6. Outlook for the near future (2025)

Here at the World Water Forum we will deal with the possibility and the necessity of rainwater harvesting in the future:
China was one of the first countries carrying out studies using the GIS - Geographic Information Systems- method to identify potential rainwater harvesting areas. The factors influencing the rainwater harvesting potential considered in that study are: the amount of precipitation, the annual days of rain, the rainfall fluctuation rate and the topography. GIS were used to overlay the different sheets of factors. The result was a final ranking of four different areas of rainwater harvesting demand. The final result is shown in Fig. 13.
In Brazil's semiarid region in the Northeast we worked out a similar map of ranks of rainwater harvesting demand based on two factors:
The first factor is annual rainfall: the Brazilian semiarid region is located near the Equator, has an annual rainfall between 250 and 1000 mm and has a very high evaporation rate (open surface evaporation near or more than 3000 mm a year). Furthermore, the rain falls very irregular / uneven. (Fig. 14)
The second factor of ranking considers the hydro-geology of the semiarid region. The crystalline subsoil contains no or very low contents of often saline subsoil water. This crystalline region within, but also outside the semiarid part of Northeastern Brazil, has a high demand for rainwater harvesting. In the limestone regions the groundwater is already overexploited. There is normally a medium demand for rainwater harvesting. In the regions with alluvium there is groundwater exploitable through shallow wells. In the sandstone area there are very big amounts of subsoil water. In the last two regions there is a low demand for rainwater harvesting. (Fig.15 and 16)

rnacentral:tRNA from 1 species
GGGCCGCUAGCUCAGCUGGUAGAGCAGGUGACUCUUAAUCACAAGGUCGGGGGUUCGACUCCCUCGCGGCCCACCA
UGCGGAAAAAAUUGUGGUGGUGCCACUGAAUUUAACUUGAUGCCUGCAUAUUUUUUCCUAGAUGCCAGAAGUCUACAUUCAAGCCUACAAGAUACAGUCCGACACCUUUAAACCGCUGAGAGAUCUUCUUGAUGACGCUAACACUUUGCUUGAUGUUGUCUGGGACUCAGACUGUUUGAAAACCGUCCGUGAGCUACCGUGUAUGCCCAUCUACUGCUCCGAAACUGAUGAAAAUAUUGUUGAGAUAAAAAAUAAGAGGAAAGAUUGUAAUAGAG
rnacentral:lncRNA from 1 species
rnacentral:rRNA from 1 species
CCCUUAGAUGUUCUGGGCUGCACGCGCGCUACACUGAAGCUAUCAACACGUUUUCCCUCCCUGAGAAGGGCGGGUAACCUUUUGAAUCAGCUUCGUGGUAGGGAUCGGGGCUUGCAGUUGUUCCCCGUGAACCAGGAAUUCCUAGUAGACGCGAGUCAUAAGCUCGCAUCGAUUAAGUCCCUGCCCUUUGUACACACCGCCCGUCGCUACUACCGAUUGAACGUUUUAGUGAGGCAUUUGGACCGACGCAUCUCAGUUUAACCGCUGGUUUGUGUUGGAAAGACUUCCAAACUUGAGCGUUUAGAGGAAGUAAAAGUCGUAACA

The surface water potentials were not considered in this study. In the semiarid region the only all year water source is the big Sao Francisco River. Its water is exploited for irrigation of 50000 ha land, especially for export cash crops. Within the semiarid region, this area along with some other small spots is considered an exception consisting of potentially 4 % of the total area.
To define the areas with high rainwater harvesting demand is an effective political instrument. It can be used in working on rural development plans for the local people which are economically viable, socially just and ecologically sustainable (Fig. 17).